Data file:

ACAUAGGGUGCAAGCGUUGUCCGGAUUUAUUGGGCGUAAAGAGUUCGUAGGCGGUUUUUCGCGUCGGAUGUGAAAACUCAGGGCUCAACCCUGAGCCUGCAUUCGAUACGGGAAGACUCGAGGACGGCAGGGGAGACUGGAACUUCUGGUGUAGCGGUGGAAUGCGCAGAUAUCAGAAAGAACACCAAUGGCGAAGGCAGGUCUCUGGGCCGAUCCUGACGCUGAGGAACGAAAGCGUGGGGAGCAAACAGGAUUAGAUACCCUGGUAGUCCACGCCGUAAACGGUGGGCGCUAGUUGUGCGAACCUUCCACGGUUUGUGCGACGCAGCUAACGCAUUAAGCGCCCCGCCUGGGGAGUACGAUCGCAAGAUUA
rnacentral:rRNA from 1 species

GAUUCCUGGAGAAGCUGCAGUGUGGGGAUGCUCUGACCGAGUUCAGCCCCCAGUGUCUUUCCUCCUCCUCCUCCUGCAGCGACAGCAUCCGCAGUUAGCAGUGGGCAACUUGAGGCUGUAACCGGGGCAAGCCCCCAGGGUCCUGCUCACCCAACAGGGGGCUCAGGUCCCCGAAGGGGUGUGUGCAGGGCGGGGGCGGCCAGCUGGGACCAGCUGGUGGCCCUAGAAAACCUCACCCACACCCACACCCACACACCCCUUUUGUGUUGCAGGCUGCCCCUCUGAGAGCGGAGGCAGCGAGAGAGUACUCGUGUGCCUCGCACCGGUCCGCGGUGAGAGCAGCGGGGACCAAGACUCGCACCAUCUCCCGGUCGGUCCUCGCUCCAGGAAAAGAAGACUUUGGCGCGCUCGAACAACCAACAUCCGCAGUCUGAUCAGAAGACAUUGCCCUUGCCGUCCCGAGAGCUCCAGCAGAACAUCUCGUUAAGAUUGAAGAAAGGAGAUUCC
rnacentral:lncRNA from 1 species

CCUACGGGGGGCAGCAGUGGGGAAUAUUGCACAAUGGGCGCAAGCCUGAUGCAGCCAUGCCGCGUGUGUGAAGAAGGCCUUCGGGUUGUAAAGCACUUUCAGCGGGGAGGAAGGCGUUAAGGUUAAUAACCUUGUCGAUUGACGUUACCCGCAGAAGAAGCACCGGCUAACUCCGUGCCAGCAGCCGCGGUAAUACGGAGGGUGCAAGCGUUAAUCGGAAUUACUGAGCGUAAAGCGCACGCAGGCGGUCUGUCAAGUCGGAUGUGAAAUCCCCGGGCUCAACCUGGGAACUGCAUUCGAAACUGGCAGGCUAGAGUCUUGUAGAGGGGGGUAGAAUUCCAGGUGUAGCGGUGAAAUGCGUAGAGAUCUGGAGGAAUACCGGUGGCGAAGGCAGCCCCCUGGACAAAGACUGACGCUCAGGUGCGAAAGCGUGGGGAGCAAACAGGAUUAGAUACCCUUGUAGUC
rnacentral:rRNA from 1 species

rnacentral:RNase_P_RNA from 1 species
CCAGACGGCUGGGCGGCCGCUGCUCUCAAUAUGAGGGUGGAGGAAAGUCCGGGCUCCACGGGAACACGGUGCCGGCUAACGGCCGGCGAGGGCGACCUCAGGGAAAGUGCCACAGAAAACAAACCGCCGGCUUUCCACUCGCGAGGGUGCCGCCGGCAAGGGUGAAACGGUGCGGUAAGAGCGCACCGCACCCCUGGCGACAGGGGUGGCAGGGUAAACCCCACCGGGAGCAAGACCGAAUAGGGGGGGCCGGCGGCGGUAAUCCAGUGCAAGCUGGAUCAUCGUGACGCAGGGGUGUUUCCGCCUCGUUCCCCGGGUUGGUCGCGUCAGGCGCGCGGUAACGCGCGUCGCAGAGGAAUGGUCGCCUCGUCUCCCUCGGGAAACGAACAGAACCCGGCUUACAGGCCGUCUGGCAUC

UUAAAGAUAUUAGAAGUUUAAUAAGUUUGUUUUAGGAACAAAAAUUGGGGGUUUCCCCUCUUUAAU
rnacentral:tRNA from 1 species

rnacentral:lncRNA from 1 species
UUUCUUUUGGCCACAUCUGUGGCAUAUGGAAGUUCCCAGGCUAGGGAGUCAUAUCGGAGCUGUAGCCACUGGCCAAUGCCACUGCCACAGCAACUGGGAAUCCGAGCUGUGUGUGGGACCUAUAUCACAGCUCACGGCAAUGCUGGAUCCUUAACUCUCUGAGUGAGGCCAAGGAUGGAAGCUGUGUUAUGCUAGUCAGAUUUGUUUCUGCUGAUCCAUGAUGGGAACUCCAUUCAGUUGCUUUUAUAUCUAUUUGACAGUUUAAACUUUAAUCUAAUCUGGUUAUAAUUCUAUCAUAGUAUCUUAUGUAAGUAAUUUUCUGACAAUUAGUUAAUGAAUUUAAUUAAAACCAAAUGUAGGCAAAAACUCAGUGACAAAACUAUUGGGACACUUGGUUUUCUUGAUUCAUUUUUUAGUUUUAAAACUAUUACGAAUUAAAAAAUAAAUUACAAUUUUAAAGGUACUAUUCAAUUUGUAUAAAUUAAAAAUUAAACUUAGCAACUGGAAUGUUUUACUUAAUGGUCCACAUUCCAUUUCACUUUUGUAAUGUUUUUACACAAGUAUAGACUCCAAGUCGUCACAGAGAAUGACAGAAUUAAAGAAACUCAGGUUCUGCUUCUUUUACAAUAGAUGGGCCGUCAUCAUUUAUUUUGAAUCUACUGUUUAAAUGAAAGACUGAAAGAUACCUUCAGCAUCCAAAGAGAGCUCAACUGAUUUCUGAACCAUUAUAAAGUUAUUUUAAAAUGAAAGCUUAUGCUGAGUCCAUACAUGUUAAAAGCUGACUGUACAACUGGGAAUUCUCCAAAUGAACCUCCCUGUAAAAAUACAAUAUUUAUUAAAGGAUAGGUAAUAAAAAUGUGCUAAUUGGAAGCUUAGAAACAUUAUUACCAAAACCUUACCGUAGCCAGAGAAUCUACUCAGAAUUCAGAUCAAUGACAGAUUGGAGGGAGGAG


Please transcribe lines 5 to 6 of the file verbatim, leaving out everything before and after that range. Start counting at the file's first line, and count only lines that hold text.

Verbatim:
CCUACGGGGGGCAGCAGUGGGGAAUAUUGCACAAUGGGCGCAAGCCUGAUGCAGCCAUGCCGCGUGUGUGAAGAAGGCCUUCGGGUUGUAAAGCACUUUCAGCGGGGAGGAAGGCGUUAAGGUUAAUAACCUUGUCGAUUGACGUUACCCGCAGAAGAAGCACCGGCUAACUCCGUGCCAGCAGCCGCGGUAAUACGGAGGGUGCAAGCGUUAAUCGGAAUUACUGAGCGUAAAGCGCACGCAGGCGGUCUGUCAAGUCGGAUGUGAAAUCCCCGGGCUCAACCUGGGAACUGCAUUCGAAACUGGCAGGCUAGAGUCUUGUAGAGGGGGGUAGAAUUCCAGGUGUAGCGGUGAAAUGCGUAGAGAUCUGGAGGAAUACCGGUGGCGAAGGCAGCCCCCUGGACAAAGACUGACGCUCAGGUGCGAAAGCGUGGGGAGCAAACAGGAUUAGAUACCCUUGUAGUC
rnacentral:rRNA from 1 species